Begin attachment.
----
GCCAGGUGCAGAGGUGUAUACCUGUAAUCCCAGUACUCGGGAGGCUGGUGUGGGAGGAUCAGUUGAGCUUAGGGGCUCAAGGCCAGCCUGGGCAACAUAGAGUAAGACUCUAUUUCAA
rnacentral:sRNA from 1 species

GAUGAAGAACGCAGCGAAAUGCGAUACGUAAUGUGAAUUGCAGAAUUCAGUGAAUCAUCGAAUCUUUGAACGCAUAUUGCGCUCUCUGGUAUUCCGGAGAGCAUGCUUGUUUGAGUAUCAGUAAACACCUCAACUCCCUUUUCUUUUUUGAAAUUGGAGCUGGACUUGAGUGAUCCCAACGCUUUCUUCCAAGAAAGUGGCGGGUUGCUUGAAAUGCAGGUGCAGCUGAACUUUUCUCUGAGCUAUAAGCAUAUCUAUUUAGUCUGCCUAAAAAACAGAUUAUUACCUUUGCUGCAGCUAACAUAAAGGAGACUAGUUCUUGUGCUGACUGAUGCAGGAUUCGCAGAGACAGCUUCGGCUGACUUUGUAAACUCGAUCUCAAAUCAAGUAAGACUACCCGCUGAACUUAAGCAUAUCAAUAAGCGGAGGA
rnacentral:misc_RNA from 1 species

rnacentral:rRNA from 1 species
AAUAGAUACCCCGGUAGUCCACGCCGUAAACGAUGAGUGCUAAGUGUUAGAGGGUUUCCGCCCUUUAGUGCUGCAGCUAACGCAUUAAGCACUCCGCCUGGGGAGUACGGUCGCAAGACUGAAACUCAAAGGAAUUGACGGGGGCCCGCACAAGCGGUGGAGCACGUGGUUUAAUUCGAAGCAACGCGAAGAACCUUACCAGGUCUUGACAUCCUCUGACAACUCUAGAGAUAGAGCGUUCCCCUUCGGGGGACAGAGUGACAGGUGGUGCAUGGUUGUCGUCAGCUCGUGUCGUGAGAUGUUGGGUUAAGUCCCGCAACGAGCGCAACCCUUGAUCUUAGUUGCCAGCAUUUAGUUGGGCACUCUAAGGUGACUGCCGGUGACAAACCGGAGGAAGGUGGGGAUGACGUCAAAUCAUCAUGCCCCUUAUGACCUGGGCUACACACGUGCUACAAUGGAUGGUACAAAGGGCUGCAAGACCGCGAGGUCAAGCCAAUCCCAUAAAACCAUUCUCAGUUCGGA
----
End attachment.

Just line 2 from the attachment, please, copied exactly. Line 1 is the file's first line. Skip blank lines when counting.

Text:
rnacentral:sRNA from 1 species